This was the God I was taught to believe in.  The God I have now come to believe in is the God who sees no differences and welcomes all of us into His embrace, the God who would transform us all into people beyond knowledge if only we would let Him.  This is the God I found reading Malcolm X, who my Christian friends in Boardman, Ohio compared to Charles Manson because Malcolm called God “Allah.”  This is the God I found while watching a New Year’s Day sunrise over the Grand Canyon and picking up the smell of incense during the Nicene Creed at an Easter service.  This is the God I prayed to with the words of Marcus J. Borg and C. S. Lewis in mind while kneeling on a mountaintop in Santa Barbara.  God asks and demands nothing except I love my fellow man and to follow in the moments when He calls.

This is the God I wanted to write about.

Matthew meets Amelia in the book after she has traveled around the country, lived to the fullest, loved, lost more than some people realize.  Among the things she has lost is touch with her spiritual side.  Meeting Matthew sparks her to still use her zestful, carpe diem-dominated presence to live a life which gives to others.  Matthew is a figure who neither sermonizes nor downplays God…but he draws people into faith and expressing that faith.  In choosing his language and tone, I wrote him as respectful, never pushing, but conveying promise and hope.  Like Jesus, he makes it clear that the yoke is easy, the burden light.

I knew this from the moment I first wrote these words.  But in meditating on tonight’s texts, I had come closer than I imagined to Paul’s words on teaching with authority.

For faith is not a one-way street.  Listening to God, as you recall from my own experiences, does not mean only seeking out higher authorities.  Listening to God means being ready to hear His words from so many sources, sources which ring true.

I believe that ministers are as much changed by their congregations as their congregations are changed by them.  The smallest difference in perspective opens up so many doors as to how to live in faith.  And I showed that by having Amelia affect Matthew as he affects her.  Her vivacity and courage make him a deeper, even more considerate, even more loving man.

Loving can be taken literally. The two of them, in her last months on earth, fall in love.  And initiate a sexual relationship.  By mutual want.  Originally this was handled more covertly, until my wise publishers said to just come right out and tell readers this happened.

In his discussion on teaching with authority, Paul puts in that discussion about eating meat in the house of idols, that part with the really confusing syntax.  What Paul is saying is that we know the meat has no significance to our faith.  But if someone on less firm a foundation than us, someone not so secure in their love of God as we are, sees us doing this seemingly ungodly action, it may have the worst effects on their soul…for until we accept the grace of God, it is easy to look at others and model our actions on theirs.  To love others in Christ requires some imitation of Christ.  And our church leaders and spokespeople are the ones we most expect to live in this manner.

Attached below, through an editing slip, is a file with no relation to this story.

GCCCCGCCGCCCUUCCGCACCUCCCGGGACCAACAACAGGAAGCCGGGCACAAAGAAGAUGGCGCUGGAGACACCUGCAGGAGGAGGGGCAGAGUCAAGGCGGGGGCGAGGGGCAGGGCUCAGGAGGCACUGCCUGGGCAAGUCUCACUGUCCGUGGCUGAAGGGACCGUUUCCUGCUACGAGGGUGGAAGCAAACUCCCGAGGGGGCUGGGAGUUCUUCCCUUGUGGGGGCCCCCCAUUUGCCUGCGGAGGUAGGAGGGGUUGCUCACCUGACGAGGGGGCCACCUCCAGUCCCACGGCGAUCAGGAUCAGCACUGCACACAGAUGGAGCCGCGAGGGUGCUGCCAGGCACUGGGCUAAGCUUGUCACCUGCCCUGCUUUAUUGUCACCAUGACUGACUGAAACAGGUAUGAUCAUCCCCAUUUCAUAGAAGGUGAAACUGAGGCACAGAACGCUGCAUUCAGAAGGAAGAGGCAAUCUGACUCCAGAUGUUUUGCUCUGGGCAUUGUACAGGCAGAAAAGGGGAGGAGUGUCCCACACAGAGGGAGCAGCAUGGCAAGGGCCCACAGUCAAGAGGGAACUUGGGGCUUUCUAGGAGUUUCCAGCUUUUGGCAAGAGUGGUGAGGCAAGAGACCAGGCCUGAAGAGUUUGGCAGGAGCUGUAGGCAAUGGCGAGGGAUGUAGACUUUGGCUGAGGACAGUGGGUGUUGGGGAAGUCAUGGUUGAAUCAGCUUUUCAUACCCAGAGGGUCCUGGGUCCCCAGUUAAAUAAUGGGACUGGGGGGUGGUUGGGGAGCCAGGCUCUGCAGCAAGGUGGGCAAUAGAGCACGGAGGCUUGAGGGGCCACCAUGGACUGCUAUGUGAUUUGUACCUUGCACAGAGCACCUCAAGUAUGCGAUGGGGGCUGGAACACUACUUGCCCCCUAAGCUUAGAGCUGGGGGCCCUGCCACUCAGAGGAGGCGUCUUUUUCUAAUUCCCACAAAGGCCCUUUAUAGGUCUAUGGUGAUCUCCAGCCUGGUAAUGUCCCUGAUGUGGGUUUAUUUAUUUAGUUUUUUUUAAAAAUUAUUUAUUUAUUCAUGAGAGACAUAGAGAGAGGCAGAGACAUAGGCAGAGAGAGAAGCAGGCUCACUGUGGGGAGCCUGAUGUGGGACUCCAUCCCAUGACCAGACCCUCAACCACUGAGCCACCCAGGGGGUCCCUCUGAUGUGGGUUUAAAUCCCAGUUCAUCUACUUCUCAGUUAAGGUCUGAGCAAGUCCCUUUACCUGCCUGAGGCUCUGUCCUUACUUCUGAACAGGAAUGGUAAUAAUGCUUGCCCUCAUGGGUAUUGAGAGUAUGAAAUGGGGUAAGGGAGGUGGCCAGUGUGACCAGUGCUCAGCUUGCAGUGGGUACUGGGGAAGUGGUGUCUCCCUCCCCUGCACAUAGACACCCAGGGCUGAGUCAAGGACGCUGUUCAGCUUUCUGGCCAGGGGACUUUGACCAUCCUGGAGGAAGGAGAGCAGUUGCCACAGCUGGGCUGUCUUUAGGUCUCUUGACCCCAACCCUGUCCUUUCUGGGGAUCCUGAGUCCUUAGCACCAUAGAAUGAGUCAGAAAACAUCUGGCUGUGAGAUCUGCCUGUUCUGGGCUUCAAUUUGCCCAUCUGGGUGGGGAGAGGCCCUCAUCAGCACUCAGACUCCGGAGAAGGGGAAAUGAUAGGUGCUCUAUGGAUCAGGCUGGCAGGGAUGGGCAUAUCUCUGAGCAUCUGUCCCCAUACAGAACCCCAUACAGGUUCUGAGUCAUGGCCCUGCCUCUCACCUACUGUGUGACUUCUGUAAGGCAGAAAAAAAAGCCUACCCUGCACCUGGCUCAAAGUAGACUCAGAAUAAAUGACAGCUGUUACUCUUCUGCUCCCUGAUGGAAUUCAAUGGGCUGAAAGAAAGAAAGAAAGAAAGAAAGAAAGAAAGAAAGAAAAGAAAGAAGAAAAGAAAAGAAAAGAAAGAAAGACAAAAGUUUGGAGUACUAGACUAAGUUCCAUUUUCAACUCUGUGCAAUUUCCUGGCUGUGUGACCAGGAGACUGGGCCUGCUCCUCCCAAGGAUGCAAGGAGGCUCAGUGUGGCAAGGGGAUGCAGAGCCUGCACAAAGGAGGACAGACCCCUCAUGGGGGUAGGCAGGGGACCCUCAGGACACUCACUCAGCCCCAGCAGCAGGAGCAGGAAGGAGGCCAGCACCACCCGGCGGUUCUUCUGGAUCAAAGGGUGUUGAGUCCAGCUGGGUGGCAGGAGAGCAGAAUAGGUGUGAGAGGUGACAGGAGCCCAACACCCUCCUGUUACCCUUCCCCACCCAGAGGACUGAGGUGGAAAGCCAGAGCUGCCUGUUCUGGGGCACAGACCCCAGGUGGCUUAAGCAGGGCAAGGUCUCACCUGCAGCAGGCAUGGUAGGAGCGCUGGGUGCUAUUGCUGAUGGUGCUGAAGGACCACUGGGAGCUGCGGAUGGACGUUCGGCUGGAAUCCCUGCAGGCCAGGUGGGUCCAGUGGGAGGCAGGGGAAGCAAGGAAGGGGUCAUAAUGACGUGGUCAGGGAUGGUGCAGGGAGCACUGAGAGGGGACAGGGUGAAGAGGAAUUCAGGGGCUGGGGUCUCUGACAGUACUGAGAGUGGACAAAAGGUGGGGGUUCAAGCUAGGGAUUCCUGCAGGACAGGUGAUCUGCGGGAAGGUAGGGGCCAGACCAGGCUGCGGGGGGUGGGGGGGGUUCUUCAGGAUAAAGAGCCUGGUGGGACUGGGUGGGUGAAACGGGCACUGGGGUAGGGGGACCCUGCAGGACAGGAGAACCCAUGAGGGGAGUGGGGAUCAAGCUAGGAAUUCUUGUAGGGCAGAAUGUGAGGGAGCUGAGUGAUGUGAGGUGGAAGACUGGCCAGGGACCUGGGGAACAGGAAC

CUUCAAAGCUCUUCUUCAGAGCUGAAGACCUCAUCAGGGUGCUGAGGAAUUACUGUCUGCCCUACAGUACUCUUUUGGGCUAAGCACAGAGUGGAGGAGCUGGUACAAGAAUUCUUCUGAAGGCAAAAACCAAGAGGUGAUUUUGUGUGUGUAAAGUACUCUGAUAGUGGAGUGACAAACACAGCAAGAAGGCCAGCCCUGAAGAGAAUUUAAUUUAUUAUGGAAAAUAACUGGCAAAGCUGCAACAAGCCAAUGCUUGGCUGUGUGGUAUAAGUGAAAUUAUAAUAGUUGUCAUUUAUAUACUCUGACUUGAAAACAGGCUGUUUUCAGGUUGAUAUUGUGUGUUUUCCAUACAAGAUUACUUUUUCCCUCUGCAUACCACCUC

In our own “Sex and the Altar” discussions, we’ve discussed the sanctity of sex in a loving relationship…and how problematic religious people can still find sex outside marriage.

All of this made Matthew’s scene more powerful in retrospect.  He has never told anyone of the full nature of his relationship with Amelia.  But that physical union has helped change him, opened his heart more, mad him even more of a listener receptive to others and to God.  He listens when Henry speaks…he’s clearly listened to Amelia.  And his dialogue more than implies he will carry on her good works.

Matthew’s last words to Henry are of holding on to faith even in the hopeless times, of having courage.  It takes courage to be a Christian in any case: humbling yourself is never easy, even before God, and listening to people you might not want to hear is just as hard.  But in this gentle submission, we become exalted.  We grow with the true wisdom of faith.  And we become even if we’re not meant to officially teach with authority.

But in letting the words and sounds touch our spirits, we gain a bit of the authority, our own good authority that we live in God.

An authority which breaks down separations.

An authority which may produce real Matthew Maddens.